The below information provides you with additional details about how to be safe while working with animals at Liberty University. All animal use personnel are expected to be familiar with the occupational hazards associated with animal research, teaching, and testing activities.

 
Allergies
Zoonotic Disease
Immuno-compromised Individuals
Animal-Specific
General Lab Safety

Knowledge of general laboratory safety considerations is especially important when working with animals. The below publications provide additional details regarding how to be safe in the laboratory.

Zoonotic diseases are capable of being transmitted between humans and animals.

  • They often do not cause obvious signs and symptoms in one species but may cause significant illness in another species.
  • Over 150 diseases may be classified as zoonotic.
  • Many of these diseases are of great concern and include Rabies, Herpes B Virus, Tuberculosis, Hepatitis, Q fever and Cat Scratch fever.

Laboratory Animal Allergy (LAA) reactions are among the most common conditions affecting the health of workers involved in the care and use of research animals. It is a significant occupational health concern for many animal attendants, staff, scientists, and technicians engaged in the care and use of laboratory animals.

  • LAA is a hypersensitivity reaction from exposure to a laboratory animal or its fur, dander, urine, saliva, or other body tissues.
  • The nature and intensity of the symptoms are dependent on the level of exposure to the laboratory animal allergen by the individual.
  • Once the worker has been sensitized, symptoms generally occur rapidly (within minutes) of exposure.
  • Continued daily exposure can result in chronic symptoms that may require daily treatment. Individuals with a history of asthma or allergies to pollens, animals, or cigarettes are at greater risk of developing sensitivity to laboratory species.

Several species of animals commonly used in animal research and teaching  frequently cause allergic reactions in people. Among these species are the cat, rabbit, rat, mouse, dog and horse.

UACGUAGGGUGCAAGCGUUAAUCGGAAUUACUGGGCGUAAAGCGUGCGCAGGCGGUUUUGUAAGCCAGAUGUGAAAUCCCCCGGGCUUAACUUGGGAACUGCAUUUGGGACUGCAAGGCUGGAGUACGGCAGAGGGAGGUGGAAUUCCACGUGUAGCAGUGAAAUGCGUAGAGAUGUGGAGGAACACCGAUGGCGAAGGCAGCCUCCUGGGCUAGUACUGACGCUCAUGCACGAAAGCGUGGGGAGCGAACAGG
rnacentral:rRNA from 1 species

• Proper use of PPE can greatly reduce the allergenic effects of these species in sensitive persons.  In addition, use of PPE can prevent sensitization in someone who is not currently allergic to laboratory animals.
  • Contact EHS for guidance on the use of PPE to mitigate or prevent allergic reactions to the animals you are working with.

Any employee who has an autoimmune disease (no matter how well managed) or is taking immune suppressing medications or is pregnant or planning conception should be aware that working with mutagenic, teratogenic and/or infectious agents poses a special risk to them or a fetus.

If an employee chooses to communicate this medical information to his/her supervisor, there are two options that can be offered to the employee. These options include:

  1. Consultation with EHS and an Occupational Health Physician regarding the hazards in the employee’s work place, evaluation of work practices, upgrades in PPE, changes to duties.
  2. Consultation between an Occupational Health Physician and the employee’s PCP or Obstetrician to thoroughly analyze the specific medical concerns for the employee in relation to the workplace hazards in order to make recommendations for accommodating the employee.

Consult with Human Resources as needed to facilitate implementation of recommendations made by the medical providers or EHS.

While you should be aware of the general risk of zoonoses, some species have specific zoonotic considerations to keep in mind. Please review the specific information about the species you work with.